The spontaneous academic interest in space that emerged in the mid-1970s tended to focus on long-term issues, overlooking the impact of space technology on contemporary society and concentrating more on long-term possibilities and effects. Consequently, scholarship was often speculative and became closely interwoven with futurism. However, some researchers who initially approached the subject of space by analyzing its futuristic aspects subsequently began to address near-term questions.

The Space Shuttle era effectively began in 1982 with the Shuttle's first operational flight. The Shuttle flights and missions will provide increasing amounts of material and data for social science study. The hallmark of this stage of the U.S. space program is the rapid expansion of projects central to the economic utilization of space. This Shuttle era contrasts substantially with the Apollo era, which was almost totally exploratory (with the primary exception of communication satellites). As an activity, economic utilization links space to the more intrinsic interests of the social sciences and reduces the sense of separation between space and the social sciences that has isolated many professionals from space studies. Of course, this is not to say that there will be an avalanche of academic interest in near-term space issues, but rather that the groundwork is being laid to bring space studies more into the mainstream of the social science disciplines.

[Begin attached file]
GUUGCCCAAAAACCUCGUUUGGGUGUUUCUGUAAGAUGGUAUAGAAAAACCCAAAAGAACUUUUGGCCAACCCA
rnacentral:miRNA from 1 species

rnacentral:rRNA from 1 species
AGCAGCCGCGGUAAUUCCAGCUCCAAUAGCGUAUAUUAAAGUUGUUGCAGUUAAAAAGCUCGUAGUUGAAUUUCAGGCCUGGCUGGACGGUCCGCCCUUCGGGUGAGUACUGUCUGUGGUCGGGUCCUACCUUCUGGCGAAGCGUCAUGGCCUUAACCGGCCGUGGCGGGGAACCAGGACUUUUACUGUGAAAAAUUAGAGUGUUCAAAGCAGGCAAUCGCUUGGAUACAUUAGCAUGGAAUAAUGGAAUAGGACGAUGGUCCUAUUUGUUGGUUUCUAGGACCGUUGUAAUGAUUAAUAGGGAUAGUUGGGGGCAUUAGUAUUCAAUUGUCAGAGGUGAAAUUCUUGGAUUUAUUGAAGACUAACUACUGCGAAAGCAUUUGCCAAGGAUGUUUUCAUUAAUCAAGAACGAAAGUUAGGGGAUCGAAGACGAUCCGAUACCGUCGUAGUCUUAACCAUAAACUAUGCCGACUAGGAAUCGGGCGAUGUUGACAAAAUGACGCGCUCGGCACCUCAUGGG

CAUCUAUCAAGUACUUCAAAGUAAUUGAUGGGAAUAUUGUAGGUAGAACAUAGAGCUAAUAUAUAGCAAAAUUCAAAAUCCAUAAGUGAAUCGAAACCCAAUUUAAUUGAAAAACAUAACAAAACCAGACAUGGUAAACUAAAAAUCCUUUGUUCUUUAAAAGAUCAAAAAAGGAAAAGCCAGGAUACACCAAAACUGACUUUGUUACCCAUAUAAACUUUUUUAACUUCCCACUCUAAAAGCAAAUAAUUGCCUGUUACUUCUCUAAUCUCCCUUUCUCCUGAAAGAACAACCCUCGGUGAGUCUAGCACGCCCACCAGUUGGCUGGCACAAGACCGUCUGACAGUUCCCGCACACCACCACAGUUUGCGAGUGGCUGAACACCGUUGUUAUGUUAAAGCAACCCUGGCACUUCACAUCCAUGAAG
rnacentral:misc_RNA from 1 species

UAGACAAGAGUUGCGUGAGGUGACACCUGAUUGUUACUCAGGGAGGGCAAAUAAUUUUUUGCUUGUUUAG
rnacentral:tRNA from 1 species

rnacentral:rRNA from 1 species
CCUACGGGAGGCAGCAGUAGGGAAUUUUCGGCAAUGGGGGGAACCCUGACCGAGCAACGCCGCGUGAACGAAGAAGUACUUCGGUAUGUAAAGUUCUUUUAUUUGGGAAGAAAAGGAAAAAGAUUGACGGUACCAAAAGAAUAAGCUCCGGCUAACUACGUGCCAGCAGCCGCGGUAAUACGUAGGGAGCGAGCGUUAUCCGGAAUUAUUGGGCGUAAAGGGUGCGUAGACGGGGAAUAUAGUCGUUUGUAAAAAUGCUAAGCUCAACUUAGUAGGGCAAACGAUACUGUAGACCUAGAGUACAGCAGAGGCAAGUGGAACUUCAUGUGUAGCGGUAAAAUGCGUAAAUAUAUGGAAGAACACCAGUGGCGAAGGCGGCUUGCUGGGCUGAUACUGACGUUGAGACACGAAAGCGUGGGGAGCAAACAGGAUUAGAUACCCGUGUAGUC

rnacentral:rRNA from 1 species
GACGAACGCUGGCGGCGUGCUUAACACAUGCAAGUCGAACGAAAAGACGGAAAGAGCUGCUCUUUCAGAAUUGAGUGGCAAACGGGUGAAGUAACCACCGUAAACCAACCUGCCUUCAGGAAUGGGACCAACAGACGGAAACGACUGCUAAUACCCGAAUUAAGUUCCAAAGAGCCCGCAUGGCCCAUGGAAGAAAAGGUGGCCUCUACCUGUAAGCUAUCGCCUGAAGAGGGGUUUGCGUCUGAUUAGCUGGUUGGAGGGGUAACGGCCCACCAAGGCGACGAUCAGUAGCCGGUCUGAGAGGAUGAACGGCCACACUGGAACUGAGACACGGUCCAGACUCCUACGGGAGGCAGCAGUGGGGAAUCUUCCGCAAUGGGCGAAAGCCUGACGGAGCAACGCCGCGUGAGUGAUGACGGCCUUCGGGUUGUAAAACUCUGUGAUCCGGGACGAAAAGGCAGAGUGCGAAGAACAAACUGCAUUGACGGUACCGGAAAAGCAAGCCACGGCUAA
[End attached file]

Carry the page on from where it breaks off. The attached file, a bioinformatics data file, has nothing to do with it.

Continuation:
I. Organization of the Social Science Study of the Shuttle

A framework that can be applied to the general study of the Shuttle was identified by an intensive review of space-related social science literature conducted during the 1978 NASA study of the social sciences (7). The study clustered social science research related to space into three main categories: Impact Analysis, Orbital Human Factors, and Development Factors (8). Each is discussed briefly below.

A. Impact Analysis

Impact Analysis includes the range of comprehensive multidisciplinary studies that evaluate the effects of major space and technological projects on national and international societies (and on subsections of those societies). Impact Analysis takes a variety of forms and employs a number of different methodologies that all apply a breadth of social science knowledge to assess the full consequences of a particular technological change. More often than not, the aim of Impact Analysis is to assist policymakers who must decide whether or not to initiate or approve a technological change (and if so, in what form). Much of such analysis focuses on a comparison of technological options that address particular economic or social needs. Advanced forms of Impact Analysis examine the multifold reciprocal feedback relationships that even a modest technological change can generate.